Several cities in the United States are implementing universal basic income plans for different demographics in 2022.
Most of the plans are not permanent and will run for only a few months, though some have a longer lifespan. All of the plans will be limited to specific demographic groups and will only allow a certain number of people in the designated city or state to participate.
None of the plans will provide enough funds to allow people to quit working, but they are expected to give participants a bit of help in the current state of the economy.
The city of Annapolis is debating a proposed $800,000 pilot program that would give $500 a month to 100 families. The plan would be funded with money that the city received from the American Rescue Plan Act, federal money allocated through a pandemic relief bill that must be spent over the next two years, according to the Capital Gazette.
The program would be modeled on an initiative in Stockton, California, which has shown that families use the money for food and housing, said Democratic Alderman DaJuan Gay from Ward 6 of the city. Two other Democrats, Aldermen Rob Savidge of Ward 7 and Ross Arnett of Ward 8, said they supported the idea in concept as a tool to reduce income inequity, but they had concerns about the long-term funding of the program.
State Sen. Dave Cortese (D-CA) is looking to pass a bill in California that will give homeless students in the state $1,000 every month for five months in 2023. A total of 15,000 high school seniors will be eligible to take part in the proposed plan, which Cortese says has been “moving along and passing with flying colors,” according to San Jose Spotlight.
If the bill is signed into law, students will need to fill out either a student aid or California Dream Act application and must be in the 12th grade when applying for the plan.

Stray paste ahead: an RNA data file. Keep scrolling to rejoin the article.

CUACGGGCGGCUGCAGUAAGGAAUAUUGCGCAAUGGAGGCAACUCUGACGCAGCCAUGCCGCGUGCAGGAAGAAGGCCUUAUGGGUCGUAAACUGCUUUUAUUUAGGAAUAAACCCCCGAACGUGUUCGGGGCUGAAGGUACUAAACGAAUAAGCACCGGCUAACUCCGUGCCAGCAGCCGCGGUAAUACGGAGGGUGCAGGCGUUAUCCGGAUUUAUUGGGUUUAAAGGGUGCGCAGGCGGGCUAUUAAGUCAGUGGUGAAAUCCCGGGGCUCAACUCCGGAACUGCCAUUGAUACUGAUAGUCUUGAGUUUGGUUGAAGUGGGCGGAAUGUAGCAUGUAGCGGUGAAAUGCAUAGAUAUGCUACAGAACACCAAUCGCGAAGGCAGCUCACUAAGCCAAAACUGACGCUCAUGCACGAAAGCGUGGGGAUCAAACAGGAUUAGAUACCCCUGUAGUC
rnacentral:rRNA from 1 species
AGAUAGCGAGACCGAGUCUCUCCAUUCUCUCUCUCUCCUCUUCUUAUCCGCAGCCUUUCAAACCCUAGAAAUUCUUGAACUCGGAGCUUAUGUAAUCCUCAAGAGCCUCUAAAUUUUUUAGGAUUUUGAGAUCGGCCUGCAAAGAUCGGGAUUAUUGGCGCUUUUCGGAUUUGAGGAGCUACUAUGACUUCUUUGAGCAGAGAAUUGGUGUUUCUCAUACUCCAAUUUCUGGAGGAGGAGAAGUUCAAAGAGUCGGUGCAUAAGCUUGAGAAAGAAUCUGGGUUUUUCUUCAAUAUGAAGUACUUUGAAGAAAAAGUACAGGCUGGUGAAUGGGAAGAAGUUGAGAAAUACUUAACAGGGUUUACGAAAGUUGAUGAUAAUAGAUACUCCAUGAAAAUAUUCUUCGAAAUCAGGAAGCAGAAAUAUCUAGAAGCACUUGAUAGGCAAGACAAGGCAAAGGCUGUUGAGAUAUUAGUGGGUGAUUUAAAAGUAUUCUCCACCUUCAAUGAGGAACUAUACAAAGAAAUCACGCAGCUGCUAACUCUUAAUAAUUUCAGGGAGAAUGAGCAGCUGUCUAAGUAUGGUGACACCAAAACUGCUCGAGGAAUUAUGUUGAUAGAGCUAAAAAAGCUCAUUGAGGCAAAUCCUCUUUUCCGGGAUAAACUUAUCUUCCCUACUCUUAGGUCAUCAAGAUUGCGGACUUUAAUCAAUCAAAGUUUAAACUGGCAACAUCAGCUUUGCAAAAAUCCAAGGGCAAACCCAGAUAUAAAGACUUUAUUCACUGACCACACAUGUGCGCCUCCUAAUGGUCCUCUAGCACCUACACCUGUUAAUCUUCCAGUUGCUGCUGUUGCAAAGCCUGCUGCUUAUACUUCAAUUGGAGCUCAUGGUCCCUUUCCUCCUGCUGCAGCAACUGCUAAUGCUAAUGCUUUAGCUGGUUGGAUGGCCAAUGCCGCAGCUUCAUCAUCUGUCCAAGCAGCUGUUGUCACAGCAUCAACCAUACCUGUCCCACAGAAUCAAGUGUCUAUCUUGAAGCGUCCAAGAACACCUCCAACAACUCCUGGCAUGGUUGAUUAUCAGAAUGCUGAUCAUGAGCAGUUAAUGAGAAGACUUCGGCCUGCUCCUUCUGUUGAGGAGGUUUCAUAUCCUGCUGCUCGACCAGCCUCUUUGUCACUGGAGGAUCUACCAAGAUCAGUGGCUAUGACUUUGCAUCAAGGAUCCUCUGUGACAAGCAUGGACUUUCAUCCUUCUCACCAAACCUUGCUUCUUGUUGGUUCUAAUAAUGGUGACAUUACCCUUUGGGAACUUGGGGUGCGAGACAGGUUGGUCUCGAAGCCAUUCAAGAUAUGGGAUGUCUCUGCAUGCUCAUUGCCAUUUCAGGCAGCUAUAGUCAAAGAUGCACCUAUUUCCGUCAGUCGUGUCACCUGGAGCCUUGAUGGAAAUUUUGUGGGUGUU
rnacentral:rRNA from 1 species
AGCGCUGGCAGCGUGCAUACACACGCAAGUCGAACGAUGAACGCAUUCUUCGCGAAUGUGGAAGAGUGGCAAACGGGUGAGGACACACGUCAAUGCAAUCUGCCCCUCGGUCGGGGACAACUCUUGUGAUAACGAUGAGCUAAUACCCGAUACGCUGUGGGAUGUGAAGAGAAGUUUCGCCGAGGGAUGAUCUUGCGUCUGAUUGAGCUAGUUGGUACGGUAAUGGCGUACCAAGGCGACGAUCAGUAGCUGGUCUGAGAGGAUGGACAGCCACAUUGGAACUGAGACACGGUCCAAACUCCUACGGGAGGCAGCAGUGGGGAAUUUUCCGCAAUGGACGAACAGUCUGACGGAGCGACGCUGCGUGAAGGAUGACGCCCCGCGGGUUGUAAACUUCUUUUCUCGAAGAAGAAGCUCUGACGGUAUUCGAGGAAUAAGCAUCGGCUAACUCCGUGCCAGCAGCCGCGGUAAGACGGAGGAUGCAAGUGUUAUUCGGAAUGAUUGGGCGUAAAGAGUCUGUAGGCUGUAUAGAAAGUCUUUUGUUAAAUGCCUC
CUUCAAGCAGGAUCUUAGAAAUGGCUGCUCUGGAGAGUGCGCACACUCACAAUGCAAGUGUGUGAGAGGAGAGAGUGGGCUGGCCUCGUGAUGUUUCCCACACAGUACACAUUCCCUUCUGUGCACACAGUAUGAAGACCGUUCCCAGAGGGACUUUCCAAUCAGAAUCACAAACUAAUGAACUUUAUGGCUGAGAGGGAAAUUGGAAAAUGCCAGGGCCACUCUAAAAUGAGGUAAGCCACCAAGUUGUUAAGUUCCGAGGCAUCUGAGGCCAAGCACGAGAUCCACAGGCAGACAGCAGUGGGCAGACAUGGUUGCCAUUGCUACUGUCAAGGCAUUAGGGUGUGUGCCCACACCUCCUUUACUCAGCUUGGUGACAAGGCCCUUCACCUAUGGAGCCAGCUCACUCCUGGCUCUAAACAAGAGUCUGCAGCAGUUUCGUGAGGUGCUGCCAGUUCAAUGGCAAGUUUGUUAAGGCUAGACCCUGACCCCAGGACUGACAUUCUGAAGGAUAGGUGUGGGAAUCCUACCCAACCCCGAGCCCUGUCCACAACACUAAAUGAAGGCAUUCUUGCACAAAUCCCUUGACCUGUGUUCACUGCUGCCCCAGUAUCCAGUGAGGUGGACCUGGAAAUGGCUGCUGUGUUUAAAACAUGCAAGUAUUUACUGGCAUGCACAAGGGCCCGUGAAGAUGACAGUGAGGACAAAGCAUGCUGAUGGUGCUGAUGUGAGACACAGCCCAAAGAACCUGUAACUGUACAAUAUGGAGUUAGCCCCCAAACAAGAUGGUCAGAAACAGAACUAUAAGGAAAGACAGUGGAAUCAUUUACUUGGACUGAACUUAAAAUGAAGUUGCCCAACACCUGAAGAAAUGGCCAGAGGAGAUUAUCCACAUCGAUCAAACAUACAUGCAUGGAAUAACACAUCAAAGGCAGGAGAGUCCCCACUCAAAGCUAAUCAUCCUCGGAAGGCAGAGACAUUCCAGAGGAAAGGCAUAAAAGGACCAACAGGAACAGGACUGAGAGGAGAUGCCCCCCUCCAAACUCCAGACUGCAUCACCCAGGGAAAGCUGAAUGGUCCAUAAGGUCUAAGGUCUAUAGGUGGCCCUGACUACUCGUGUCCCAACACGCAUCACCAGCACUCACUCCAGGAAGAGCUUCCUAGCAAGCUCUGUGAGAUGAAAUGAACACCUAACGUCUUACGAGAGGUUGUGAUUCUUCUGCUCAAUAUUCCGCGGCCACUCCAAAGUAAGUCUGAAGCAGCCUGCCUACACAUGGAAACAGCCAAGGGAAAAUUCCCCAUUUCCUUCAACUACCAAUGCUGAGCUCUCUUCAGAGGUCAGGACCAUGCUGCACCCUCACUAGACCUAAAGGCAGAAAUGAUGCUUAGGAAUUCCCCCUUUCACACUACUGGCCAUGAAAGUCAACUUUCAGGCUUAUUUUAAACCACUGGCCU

Minneapolis families who are enrolled in the city’s Guaranteed Basic Income Program can expect to receive $500 every month for the next two years. They will be allowed to spend the money as they see fit and will not have to expect a check-in process from the city’s government on how they are spending the money.
Only 200 families were selected for this program, and the first round of payments will begin this month. In addition to living in one of nine ZIP code areas and being at least 18 years old, eligible participants were required to show that their annual income is at or below 50% of the area median income for the city and that they had been hurt financially by the COVID-19 pandemic.
ITHACA, NEW YORK
Beginning in June, the Ithaca Guaranteed Income plan will give 110 randomly selected unpaid caregivers and their families $450 every month for the next 12 months. The city defines caregivers as “adults who spend significant unpaid time caring for an aging or disabled adult or a child.”
Applications for the plan were held in December 2021 and were only available for Ithaca residents whose income was below 80% of the area’s median income. However, if participants moved out of the city or if their income level grew, they could continue to be included in the program.
“We’re in the midst of another Great Depression, which necessitates bold, New Deal-type investments in our people,” the plan’s page read. “Even before COVID-19 hit, wealth and income inequality were at historic highs. People who were working two and three jobs couldn’t afford basic necessities. Nearly 40% of Americans could not afford a $400 emergency.”